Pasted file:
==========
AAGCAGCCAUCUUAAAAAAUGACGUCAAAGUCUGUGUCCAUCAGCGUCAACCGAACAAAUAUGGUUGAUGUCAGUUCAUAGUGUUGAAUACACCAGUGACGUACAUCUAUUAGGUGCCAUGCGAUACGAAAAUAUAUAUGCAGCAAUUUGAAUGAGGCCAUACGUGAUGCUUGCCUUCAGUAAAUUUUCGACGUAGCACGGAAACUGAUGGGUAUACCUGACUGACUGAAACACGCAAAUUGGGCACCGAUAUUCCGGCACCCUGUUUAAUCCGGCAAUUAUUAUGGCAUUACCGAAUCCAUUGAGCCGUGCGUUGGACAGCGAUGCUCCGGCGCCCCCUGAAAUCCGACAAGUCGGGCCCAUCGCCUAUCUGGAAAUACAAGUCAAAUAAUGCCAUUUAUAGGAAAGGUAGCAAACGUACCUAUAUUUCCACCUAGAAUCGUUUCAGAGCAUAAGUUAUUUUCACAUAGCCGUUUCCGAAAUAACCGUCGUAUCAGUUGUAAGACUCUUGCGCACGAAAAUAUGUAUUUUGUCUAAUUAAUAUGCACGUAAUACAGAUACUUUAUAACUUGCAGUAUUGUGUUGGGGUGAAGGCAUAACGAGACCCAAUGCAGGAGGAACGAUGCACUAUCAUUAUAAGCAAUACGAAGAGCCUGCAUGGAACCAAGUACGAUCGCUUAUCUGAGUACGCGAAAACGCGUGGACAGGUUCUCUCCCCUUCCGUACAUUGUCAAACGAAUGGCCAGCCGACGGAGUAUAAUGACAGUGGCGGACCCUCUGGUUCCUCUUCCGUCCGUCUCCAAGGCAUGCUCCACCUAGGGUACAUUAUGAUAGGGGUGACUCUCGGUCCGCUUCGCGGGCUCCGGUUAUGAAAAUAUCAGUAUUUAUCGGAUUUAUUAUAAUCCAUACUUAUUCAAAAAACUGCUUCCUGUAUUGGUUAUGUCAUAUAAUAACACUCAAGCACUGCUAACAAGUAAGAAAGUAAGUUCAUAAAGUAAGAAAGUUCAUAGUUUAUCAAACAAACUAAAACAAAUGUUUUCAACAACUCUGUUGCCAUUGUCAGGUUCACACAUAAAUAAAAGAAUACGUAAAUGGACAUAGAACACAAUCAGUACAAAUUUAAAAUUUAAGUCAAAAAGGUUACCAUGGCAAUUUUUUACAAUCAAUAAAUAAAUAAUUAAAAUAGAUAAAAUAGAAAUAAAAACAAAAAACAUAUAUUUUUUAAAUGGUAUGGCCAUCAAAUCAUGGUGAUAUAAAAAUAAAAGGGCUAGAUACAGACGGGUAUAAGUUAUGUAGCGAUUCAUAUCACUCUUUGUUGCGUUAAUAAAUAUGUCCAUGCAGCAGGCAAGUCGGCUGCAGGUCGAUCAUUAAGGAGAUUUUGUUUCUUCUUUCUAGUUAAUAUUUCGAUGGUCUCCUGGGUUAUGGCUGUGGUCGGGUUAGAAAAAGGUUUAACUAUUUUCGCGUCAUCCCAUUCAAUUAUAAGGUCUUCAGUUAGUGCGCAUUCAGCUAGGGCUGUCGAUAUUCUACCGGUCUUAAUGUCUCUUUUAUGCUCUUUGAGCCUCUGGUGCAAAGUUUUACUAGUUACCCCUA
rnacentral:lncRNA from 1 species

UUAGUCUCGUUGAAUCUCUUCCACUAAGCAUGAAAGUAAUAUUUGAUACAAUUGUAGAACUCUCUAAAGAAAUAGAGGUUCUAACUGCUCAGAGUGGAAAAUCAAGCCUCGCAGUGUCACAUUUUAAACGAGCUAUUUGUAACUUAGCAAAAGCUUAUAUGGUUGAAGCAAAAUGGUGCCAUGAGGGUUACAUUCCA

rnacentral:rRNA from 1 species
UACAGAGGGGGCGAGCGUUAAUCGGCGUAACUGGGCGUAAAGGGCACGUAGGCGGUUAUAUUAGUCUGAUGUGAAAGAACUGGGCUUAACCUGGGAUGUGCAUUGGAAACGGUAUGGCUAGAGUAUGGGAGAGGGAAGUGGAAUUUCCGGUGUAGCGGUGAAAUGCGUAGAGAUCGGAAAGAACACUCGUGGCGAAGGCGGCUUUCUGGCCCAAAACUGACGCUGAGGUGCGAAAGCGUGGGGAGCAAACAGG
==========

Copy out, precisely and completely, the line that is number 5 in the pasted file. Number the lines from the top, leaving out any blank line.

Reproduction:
UACAGAGGGGGCGAGCGUUAAUCGGCGUAACUGGGCGUAAAGGGCACGUAGGCGGUUAUAUUAGUCUGAUGUGAAAGAACUGGGCUUAACCUGGGAUGUGCAUUGGAAACGGUAUGGCUAGAGUAUGGGAGAGGGAAGUGGAAUUUCCGGUGUAGCGGUGAAAUGCGUAGAGAUCGGAAAGAACACUCGUGGCGAAGGCGGCUUUCUGGCCCAAAACUGACGCUGAGGUGCGAAAGCGUGGGGAGCAAACAGG